Benjamin Gibeaux is a freelance animator who's interests spread from animation to music and also poetry. His website on says a bit about him and what his family is like, and also lets you watch some of his short animations. This one below is one you can watch in his website, but i wanted to put it on here as well so i found a website where i could embed it. I havnt watched it yet because my internets being very slow, but hers what either Jerry Beck or Amid Amidi posted about it....

...."It’s a sweet and charming story on the surface, but the light tone masks some surprisingly deep political undertones. I personally read it as an allegorical tale of what happens when one country invades another for its own selfish reasons, but does so under the pretenses of helping that other country’s people. However you choose to read it though, there’s no mistaking that the artwork is superb"

Chuck Research

This is me trying to get the last bit of 'chuck' right, after the box slowed down it gets an extra boost from the 'Chuck' inside the box going from the left hand side to the right (but this is the opposite way round) It didn't work to well, i got a few from it though, but might not be noticeable on the videos.
Also made the color of the water red so i could see how it reacts, mine isn't water, its a solid shape, so it won't be the same.

(I breath really heavily!)

Sway Research

This was my research for the kinetic type, sway. Got the ruler and waved it round a bit, I was trying to get the movement right....then i got camera shy. 

Monday, 26 April 2010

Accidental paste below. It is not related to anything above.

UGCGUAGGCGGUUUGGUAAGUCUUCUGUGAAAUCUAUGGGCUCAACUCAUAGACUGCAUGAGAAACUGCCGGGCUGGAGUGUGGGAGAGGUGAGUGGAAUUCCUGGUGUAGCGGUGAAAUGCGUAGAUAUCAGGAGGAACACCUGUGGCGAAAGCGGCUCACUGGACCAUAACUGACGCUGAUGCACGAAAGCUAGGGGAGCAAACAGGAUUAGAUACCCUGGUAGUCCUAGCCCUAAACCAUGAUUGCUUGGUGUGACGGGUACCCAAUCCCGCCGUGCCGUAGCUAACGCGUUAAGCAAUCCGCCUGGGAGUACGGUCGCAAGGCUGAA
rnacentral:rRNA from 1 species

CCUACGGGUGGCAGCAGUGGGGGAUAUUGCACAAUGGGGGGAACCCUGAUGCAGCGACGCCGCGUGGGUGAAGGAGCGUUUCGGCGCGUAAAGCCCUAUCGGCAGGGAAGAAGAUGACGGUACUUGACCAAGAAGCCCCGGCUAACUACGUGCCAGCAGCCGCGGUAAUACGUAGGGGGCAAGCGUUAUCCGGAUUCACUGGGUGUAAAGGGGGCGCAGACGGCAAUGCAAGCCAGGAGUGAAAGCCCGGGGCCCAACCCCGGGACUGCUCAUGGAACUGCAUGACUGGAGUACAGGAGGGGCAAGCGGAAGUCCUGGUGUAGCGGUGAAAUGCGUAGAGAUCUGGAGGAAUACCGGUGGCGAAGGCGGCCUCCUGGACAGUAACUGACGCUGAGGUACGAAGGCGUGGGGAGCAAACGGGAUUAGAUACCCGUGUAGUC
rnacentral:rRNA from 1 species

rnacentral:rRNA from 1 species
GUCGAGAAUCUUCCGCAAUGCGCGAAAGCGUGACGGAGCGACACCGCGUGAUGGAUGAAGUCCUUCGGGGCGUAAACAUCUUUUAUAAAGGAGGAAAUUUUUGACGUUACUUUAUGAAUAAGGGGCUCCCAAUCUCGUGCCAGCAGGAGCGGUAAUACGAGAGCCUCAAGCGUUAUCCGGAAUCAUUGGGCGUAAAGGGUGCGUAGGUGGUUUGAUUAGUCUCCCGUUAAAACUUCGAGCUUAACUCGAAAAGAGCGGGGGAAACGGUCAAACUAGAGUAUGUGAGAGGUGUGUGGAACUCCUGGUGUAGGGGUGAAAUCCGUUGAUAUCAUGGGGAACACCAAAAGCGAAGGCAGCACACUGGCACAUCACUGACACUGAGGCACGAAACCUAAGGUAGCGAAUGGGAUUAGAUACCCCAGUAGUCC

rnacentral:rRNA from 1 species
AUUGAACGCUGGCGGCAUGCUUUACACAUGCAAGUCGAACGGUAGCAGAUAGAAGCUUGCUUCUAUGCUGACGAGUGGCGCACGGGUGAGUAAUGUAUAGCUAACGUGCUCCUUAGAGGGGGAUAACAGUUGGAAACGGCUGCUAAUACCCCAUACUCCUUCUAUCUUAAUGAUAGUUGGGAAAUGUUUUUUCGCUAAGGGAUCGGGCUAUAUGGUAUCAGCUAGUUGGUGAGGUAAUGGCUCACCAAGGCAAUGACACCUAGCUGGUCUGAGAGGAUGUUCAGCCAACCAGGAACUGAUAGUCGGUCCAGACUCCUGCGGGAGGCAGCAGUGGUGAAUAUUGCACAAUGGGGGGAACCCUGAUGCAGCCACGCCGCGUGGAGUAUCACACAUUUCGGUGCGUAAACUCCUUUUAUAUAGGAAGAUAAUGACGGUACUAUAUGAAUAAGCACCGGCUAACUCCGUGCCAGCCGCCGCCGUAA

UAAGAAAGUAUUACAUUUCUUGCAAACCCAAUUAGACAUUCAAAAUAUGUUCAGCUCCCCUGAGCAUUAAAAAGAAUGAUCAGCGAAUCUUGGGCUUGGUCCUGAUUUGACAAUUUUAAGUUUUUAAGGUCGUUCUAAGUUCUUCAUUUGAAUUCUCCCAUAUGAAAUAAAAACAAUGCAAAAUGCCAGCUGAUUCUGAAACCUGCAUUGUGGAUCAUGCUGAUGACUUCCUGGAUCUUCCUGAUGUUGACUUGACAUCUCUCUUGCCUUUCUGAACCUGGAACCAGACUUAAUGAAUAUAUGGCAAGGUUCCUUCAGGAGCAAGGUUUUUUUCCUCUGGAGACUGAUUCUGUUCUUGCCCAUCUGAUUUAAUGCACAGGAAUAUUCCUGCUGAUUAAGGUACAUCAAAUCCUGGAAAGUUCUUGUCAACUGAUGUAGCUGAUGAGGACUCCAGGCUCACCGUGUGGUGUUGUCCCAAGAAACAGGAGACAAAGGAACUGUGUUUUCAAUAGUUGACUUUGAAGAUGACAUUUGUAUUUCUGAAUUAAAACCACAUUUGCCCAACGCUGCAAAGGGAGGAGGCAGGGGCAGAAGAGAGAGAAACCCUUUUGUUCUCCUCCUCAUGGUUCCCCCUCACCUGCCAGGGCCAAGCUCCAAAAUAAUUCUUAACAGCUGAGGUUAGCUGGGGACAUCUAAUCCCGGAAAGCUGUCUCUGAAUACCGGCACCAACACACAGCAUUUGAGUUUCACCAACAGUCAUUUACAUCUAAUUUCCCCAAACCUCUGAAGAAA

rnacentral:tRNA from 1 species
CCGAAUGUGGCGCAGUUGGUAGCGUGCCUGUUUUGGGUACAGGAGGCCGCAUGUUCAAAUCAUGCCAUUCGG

France Part 6 | Annecy Festival

In the 1950's the Association Internationale du Film d'Animation (ASIFA) and the Annecy Animation Festival were set up in France. They encourage big studios animation and independent films.

Monday, 19 April 2010

Kerning | Error 2

Not too sure about this one, but will do it anyway, I'm looking at the '2 in 1' bit, the '2' is right next to the 'in' whist the '1' is further away from the 'in'.

If it was closer then the top of the '1' would be touching the 'in', so why don't they change the point size of the 'in' so the '1' can fit nicely over the 'N'.........or move the '2' out more to be the same distance away as the '1'.

France, Part 5 | A Trip to the Moon

Made in 1902 by George Méliès, its famous for a section (i think its like 2 seconds long on the clip I've got) where a rocket hits the moon in the eye.

Its a really early science fiction, and its famouse for that one memorable bit, it combines two things together, a real person and a the background (with moon).

It happens really quickly, but still looks good.

The Tesco Game

Tescos is a boring job, this is shown by how much till roll gets used up by employees to doodle on when there board and once they get a customer, they rip them up and throw them in the bin.